Most of the time, you won’t need to do this manually because wp-cron tracks it for you. But, if you ever find yourself needing to emulate something similar without actually using it, it’s a good idea to set a transient as the first thing that piece of code does and clear it as the last thing it does. Examples of where WordPress uses this method include regenerating metadata for Media Library items and tracking which wp-cron processes are running.

4. Failsafes

This is one you’ll likely never have to use in a custom project, but it’s clever. As such, it’s worthy of a mention. Have you ever noticed that when you’re using the Theme Editor the whole site doesn’t just crash and burn if you make a syntax error like a missed semicolon, a -> where you wanted a =>, or any of those silly little mistakes we’ve all made and will all make for the rest of our careers? You have WordPress Transients to thank for that. By using Transients in this way, WordPress is able to roll back Theme Editor code changes that would result in a fatal error.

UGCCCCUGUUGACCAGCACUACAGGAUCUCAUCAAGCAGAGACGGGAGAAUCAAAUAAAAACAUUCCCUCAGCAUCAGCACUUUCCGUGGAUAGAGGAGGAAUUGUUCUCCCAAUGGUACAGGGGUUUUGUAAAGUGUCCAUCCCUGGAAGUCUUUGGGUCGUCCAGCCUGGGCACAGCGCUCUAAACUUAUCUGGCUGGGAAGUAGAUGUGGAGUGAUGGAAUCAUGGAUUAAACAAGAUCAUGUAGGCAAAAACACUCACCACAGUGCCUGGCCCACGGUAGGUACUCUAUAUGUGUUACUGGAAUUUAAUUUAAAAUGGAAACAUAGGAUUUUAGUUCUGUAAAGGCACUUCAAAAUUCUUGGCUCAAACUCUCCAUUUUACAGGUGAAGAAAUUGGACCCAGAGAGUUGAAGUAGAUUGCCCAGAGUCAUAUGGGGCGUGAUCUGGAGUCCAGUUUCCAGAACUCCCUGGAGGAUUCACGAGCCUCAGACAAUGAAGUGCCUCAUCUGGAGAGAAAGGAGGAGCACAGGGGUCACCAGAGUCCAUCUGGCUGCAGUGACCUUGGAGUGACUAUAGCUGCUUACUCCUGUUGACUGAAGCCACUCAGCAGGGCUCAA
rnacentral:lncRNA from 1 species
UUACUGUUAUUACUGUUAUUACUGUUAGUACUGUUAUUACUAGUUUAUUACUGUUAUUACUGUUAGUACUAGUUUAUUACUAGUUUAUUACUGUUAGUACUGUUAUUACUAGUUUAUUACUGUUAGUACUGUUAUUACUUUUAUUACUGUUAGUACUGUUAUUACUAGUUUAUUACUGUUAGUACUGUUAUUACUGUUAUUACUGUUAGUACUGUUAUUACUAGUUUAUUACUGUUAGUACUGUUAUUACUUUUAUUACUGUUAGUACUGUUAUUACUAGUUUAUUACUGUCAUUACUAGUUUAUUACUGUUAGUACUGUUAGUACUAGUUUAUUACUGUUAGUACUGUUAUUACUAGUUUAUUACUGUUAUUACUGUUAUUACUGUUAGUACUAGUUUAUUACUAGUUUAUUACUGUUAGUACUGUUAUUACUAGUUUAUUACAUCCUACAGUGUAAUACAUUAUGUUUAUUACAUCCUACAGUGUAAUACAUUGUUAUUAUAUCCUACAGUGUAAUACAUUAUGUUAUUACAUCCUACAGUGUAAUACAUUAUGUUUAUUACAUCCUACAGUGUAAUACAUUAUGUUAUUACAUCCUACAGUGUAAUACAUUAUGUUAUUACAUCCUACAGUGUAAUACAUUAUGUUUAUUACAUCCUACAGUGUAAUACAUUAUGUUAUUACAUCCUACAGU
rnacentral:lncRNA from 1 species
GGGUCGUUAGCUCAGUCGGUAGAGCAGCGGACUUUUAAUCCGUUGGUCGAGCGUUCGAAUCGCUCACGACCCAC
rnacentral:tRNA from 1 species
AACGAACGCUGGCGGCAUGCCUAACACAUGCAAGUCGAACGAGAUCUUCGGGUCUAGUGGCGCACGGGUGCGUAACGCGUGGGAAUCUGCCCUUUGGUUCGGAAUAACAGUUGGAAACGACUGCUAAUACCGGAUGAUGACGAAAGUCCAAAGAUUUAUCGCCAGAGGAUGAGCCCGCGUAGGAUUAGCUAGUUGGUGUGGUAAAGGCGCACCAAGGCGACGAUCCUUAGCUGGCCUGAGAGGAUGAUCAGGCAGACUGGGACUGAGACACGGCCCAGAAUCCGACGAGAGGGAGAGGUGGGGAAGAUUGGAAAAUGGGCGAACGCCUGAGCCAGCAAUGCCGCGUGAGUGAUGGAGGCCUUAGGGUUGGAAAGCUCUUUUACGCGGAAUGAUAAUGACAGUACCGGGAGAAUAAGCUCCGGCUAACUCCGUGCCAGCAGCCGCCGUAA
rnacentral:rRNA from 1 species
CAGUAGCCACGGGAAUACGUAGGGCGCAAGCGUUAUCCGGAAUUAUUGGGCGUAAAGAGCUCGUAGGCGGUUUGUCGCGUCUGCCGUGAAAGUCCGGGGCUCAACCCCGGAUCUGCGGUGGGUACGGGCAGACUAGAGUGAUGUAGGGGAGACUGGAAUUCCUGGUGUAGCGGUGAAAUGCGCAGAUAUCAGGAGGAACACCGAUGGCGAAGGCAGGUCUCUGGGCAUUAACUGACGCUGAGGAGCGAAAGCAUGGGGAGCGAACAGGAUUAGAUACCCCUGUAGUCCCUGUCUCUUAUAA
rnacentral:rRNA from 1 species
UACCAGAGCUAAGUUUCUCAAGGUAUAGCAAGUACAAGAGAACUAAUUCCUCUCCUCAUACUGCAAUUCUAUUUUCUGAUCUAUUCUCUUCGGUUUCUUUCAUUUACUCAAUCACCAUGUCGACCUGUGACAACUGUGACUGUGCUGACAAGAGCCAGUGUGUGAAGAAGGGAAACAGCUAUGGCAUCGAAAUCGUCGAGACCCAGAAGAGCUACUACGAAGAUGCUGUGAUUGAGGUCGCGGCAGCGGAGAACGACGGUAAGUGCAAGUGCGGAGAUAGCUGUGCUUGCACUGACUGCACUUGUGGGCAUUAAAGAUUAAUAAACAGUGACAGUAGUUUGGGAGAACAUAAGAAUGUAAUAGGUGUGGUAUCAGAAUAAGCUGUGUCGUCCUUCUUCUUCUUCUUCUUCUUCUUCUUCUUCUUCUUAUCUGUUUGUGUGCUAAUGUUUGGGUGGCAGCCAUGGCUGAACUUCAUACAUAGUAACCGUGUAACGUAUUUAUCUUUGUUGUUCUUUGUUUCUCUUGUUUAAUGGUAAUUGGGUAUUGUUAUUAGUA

5. Debouncing Calls to Remote Servers

This is another rarity you may never see the need to use. On rare occasion, you’ll need something to run regularly, but not in a separate thread, which makes a wp-cron entry undesirable. It’s a strange edge case as, more often than not, regularly-scheduled items can be trusted to wp-cron and left to their own devices. Still, it’s noteworthy enough to include.

WordPress uses Transients in this way for checking for new “Post by E-mail” posts. Or, more accurately, keeping track of the last time it made that check, so it knows not to spam the mail server with requests during high-traffic periods. You may find this useful for those oddball situations where you’re pulling your hair out because you need it to work like wp-cron without actually being wp-cron.